Lil Brian (bless his heart) tries to make a point about how the sheriff's limited resources are being stretched too thin by helping all those dirty immigrant invaders who're busily destroying USAmerica Inc by trying not to get fucked over - or something.

So here's a question:  How do we fix the problem of underfunded border security when "conservatives" refuse to support funding for better border security?

It's just too fucking typical of the over-delegating under-thinking kind of hands-off "Modern Management Mindset" that always always always ends up saying, "We need you to improve all this mess, but make sure you don't change anything - and just let us know what you need, as long as it's nothing".

These jag-offs wanna slag Obama with some bullshit about "leadership"?

PS) I'm betting there's a fair probability that somebody's good buddy/brother-in-law is putting together a really great private-sector (or even better, a public/private) solution that promises amazing results at the low low price of about 2 1/2 times what it'll cost us if we just figure out a coupla ways to treat people like people instead of using them as political theater props in order to turn their hardship into corporate profit.

No soul and no honor.

Today's Pix











Wednesday, July 23, 2014

Newly Discovered

I stumbled upon this website while scanning thru a piece at AlterNet.org:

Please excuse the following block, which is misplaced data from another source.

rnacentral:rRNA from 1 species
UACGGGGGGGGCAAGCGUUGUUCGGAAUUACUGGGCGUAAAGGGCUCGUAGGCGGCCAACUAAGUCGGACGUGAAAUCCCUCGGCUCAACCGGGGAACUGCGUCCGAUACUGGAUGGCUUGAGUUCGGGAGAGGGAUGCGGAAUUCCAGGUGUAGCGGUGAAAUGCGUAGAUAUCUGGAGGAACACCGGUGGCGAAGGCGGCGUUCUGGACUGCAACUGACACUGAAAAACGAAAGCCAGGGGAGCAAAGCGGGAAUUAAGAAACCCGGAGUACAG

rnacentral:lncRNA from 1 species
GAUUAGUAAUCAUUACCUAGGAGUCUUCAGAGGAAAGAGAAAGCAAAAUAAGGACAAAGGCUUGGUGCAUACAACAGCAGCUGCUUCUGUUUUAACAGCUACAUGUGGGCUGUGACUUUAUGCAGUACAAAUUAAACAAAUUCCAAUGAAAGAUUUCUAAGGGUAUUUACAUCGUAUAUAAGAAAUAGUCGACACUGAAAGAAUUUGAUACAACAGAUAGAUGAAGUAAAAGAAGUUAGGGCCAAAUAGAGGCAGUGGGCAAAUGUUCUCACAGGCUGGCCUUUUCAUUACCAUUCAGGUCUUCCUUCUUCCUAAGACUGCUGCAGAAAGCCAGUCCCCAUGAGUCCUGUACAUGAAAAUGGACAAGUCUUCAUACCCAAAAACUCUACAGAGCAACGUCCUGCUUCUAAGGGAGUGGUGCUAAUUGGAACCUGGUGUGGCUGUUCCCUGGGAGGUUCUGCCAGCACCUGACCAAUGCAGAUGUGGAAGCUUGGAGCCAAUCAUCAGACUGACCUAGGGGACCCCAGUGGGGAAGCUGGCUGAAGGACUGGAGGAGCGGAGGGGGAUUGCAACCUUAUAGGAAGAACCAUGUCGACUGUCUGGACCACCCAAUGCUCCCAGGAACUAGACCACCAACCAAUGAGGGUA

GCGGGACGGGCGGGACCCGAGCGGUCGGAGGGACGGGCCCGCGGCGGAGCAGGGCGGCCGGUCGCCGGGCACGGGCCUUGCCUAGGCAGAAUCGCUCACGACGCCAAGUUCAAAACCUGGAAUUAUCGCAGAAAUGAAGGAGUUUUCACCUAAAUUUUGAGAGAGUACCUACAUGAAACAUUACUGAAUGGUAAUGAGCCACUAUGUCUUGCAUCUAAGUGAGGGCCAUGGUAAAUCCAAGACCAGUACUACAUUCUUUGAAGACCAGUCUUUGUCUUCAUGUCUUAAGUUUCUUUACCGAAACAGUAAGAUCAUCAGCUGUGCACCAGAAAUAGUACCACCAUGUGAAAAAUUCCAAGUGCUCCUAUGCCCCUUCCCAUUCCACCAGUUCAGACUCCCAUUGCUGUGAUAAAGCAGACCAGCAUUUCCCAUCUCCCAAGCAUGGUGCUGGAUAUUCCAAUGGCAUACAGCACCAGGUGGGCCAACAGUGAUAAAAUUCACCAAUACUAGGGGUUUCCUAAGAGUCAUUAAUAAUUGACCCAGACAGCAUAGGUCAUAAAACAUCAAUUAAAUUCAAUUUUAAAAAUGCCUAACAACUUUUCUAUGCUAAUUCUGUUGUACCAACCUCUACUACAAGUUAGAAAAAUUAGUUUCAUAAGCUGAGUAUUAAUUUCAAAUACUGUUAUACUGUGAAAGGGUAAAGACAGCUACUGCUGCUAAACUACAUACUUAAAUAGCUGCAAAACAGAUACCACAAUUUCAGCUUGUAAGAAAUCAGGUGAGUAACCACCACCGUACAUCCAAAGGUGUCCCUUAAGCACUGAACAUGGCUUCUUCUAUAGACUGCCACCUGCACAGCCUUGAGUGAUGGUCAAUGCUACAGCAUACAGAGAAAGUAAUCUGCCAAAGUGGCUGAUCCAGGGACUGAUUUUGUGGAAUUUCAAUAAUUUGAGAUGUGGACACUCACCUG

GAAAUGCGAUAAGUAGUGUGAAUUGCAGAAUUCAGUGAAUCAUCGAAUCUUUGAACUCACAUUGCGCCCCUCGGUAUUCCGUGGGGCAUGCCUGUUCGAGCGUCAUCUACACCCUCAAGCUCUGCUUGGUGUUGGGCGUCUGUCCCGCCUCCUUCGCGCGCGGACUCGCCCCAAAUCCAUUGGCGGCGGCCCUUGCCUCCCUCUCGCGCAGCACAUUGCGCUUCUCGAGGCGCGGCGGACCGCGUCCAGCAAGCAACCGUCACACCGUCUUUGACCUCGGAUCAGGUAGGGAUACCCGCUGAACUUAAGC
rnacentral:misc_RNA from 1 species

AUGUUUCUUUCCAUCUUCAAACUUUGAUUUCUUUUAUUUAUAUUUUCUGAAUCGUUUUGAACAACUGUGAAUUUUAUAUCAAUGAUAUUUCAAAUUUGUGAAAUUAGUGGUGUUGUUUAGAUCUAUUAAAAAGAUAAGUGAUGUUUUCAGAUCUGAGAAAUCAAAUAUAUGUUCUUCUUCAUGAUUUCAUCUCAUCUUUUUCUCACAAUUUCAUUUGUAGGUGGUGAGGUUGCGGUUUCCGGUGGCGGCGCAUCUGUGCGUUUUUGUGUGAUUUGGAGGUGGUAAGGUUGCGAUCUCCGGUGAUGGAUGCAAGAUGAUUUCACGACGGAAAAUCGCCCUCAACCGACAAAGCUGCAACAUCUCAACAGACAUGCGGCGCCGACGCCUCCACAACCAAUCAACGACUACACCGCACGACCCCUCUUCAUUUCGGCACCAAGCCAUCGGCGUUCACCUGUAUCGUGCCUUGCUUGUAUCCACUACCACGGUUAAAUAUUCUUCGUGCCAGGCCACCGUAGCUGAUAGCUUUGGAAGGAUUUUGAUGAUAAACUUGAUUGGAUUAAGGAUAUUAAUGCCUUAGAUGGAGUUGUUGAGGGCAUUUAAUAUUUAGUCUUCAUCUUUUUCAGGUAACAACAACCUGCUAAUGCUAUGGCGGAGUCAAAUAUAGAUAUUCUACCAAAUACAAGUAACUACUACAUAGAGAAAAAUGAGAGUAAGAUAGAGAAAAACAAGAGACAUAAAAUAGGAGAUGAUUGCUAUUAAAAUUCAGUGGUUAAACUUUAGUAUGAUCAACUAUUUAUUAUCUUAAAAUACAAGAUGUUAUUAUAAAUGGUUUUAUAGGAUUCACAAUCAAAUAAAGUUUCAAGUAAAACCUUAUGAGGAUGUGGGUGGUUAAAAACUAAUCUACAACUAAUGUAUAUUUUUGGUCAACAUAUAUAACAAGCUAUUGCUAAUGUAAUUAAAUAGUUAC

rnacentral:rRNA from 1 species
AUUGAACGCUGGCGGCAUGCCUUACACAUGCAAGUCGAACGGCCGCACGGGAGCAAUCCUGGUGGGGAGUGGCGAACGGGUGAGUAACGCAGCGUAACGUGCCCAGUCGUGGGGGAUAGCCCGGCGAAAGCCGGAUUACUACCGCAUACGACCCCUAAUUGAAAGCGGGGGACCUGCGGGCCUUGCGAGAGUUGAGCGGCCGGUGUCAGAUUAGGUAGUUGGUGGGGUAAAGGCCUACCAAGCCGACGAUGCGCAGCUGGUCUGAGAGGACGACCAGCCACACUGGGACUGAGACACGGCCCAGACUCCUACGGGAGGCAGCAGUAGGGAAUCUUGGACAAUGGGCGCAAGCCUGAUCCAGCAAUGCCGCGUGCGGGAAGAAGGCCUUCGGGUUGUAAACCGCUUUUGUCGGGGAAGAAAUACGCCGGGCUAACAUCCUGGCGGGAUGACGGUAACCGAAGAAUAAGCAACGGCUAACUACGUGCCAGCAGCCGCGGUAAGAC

It may be easy to draw a caricature of a "quack” as a cross between the ShamWow pitchman and an alchemist, but they’re really not so easy to spot. Modern-day quacks often cherry-pick science and use what suits them as semantic backdrop to fool unsuspecting consumers. Quacks may dazzle people with fanciful research studies or scare them with intimidating warnings before trying to peddle products that make unreasonable promises. And those who use these alternative, unproven products may forego treatments that would be more likely to help them.
In short, quackery is dangerous. It promotes fear, devalues legitimate science and can destroy lives. Here are the four biggest quacks giving dubious health advice in the media and some samples of their detrimental advice.
Science-Based Medicine:
Science-Based Medicine is dedicated to evaluating medical treatments and products of interest to the public in a scientific light, and promoting the highest standards and traditions of science in health care. Online information about alternative medicine is overwhelmingly credulous and uncritical, and even mainstream media and some medical schools have bought into the hype and failed to ask the hard questions.
We provide a much needed “alternative” perspective — the scientific perspective.
Good science is the best and only way to determine which treatments and products are truly safe and effective. That idea is already formalized in a movement known as evidence-based medicine (EBM). EBM is a vital and positive influence on the practice of medicine, but it has limitations and problems in practice: it often overemphasizes the value of evidence from clinical trials alone, with some unintended consequences, such as taxpayer dollars spent on “more research” of questionable value. The idea of SBM is not to compete with EBM, but a call to enhance it with a broader view: to answer the question “what works?” we must give more importance to our cumulative scientific knowledge from all relevant disciplines.
SBM’s authors are all medically trained and have spent years writing for the public about science and medicine, tirelessly advocating for high scientific standards in health care.